Wednesday, June 27, 2012

Genes and diseases

Human cell contains 46 chromosomes (22 pairs of autosomal chromosomes and 2 sex chromosomes) between them are approximately 3 billion base pairs of DNA that encloses about 30,000 - 40,000 protein-coding genes. The coding regions make up less than 5% of the genome (the function of the remaining DNA is unclear) and some chromosomes have a higher density of genes than others.

Most of the genetic disorders featured so far are the direct result of a mutation in one gene. Conversely, one of the most difficult problems ahead is to find out how genes contribute to diseases with complex pattern of inheritance, like in the cases of diabetes, asthma, cancer and mental illness. In all these cases, no single gene contributed but combination of genes to be altered to manifest the disorder, and a number of genes may each make a subtle contribution to a person's susceptibility to a disease and respond variably in a particular environment.

Blood and Lymph Diseases

Most of the cells in the human body are not in direct contact with the external environment, the circulatory system acts as a transport system for these cells. Two distinct fluids move through the circulatory system: blood and lymph.

Blood carries oxygen, hormones, antibodies and nutrients to the body's cells, and carries waste materials away. The heart is the pump that keeps this transport system moving. Together, the blood, heart, and blood vessels form the circulatory system.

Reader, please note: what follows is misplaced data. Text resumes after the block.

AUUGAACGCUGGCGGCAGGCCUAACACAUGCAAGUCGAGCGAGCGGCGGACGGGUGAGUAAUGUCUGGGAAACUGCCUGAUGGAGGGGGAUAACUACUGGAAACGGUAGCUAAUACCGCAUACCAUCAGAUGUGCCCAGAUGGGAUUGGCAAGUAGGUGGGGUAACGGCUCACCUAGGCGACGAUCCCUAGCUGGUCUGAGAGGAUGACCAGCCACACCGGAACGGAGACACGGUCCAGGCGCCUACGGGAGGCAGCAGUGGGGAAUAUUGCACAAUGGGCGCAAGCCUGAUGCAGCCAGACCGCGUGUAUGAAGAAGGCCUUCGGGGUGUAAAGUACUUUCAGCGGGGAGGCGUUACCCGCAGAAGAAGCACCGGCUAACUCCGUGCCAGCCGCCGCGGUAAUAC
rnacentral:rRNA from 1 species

The lymphatic system (lymph, lymph nodes and lymph vessels) maintains the circulatory system by draining excess fluids and proteins from tissues back into the bloodstream, in this manner preventing tissue swelling. It also serves as a defense system for the body, filtering out pathogens by producing white blood cells, and generating antibodies.


• Anemia, sickle cell

• Burkitt lymphoma

• Gaucher disease

• Hemophilia A

• Leukemia, chronic myeloid

• Niemann-Pick disease

• Paroxysmal nocturnal hemoglobinuria

• Porphyria

• Thalassemia

The Digestive System

Digestion is the process of converting food into fuel for energy, and for upholding of the body structure. The digestive tract is a series of hollow organs joined in a long, twisting tube from the mouth to the anus. Inside this tube is a lining known as mucosa. In the mouth, stomach, and small intestine, the mucosa contains tiny glands that secrete enzymes to facilitate digest food. There are also two solid digestive organs, the liver and the pancreas, which produce enzymes that reach the intestine through small tubes.


• Colon cancer

• Crohn's disease

• Cystic fibrosis

• Diabetes, type 1

• Glucose galactose malabsorption

• Pancreatic cancer

• Wilson's disease

• Zellweger syndrome

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